The Supreme Court on Friday ruled the Telecom Disputes Settlement and Appellate Tribunal (TDSAT) had no power to examine and decide questions on the regulations set by the Telecom Regulatory Authority of India (Trai). Challenging the regulations was in the jurisdiction of high courts.
This judgment was by a Bench on a large number of appeals moved by state-run Bharat Sanchar Nigam Ltd (BSNL), Cellular Operators Association of India (COAI), Tata Teleservices and Reliance Infocomm. Each was affected in various ways by the TDSAT orders involving regulations set by Trai.
Trai had, in July 2010, filed a petition to the court noting TDSAT was not authorised to hear an appeal against its regulations.
Trai gives regulations on issues like rates, inter-connection and quality of service.
The Trai Act was changed by an ordinance from January 24, 2000, establishing TDSAT to take over the adjudicatory and dispute functions. According to the Trai site, TDSAT was set up to adjudicate any dispute between a licensor and a licensee, between two or more service providers, between a service provider and a group of consumers, and to hear and dispose appeals against a direction, decision or order of Trai.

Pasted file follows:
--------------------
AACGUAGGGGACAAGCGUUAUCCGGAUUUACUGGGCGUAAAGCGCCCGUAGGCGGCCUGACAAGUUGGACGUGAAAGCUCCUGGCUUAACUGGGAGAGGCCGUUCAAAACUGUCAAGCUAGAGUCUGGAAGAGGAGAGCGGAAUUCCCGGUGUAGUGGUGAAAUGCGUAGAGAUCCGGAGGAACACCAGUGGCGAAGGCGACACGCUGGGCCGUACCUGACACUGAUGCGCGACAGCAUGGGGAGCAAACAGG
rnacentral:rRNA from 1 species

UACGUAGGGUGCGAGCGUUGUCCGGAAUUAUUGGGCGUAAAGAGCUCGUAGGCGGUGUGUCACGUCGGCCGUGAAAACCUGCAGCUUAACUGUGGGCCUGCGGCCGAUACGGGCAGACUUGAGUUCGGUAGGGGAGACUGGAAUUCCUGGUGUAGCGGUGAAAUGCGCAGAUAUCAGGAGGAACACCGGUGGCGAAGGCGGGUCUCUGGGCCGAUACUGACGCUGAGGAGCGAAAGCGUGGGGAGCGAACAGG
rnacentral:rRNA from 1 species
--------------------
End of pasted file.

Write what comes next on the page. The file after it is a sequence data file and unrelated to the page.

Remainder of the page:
Trai had filed the petition before the Supreme Court in July 2010, following a TDSAT order asking the regulator to take a fresh look on the telecommunication interconnection (port charges) Amendment regulation 2007, in which Trai had reduced port charges by about 23-29 per cent on various slabs. TDSAT's order came based on a petition by state-run telecom service provider Bharat Sanchar Nigam Ltd (BSNL) on the matter.
Earlier in 2006, Trai had filed a petition before the Delhi High Court, challenging an order by TDSAT in January 2005, in which the tribunal had said that it has jurisdiction to "examine the vires of a regulation".
Trai, in its petition requesting the Supreme Court to transfer a petition filed by it in the Delhi High Court in 2006, said: "TDSAT is authorised only to hear and dispose of appeal against any direction, decision or order of the petitioner (Trai) under the Trai Act, 1997, and there is no provision to hear appeal against regulations framed by Trai in the exercise of its power under section 36 of the Act."
Coai director general Rajan Mathews said that this might lead to a situation where settlements of disputes would take much more time. "There are many high courts and they may have multiple opinions. Even after that, these cases may go to the Supreme Court. TDSAT was a single-window solution for the telcos," he added.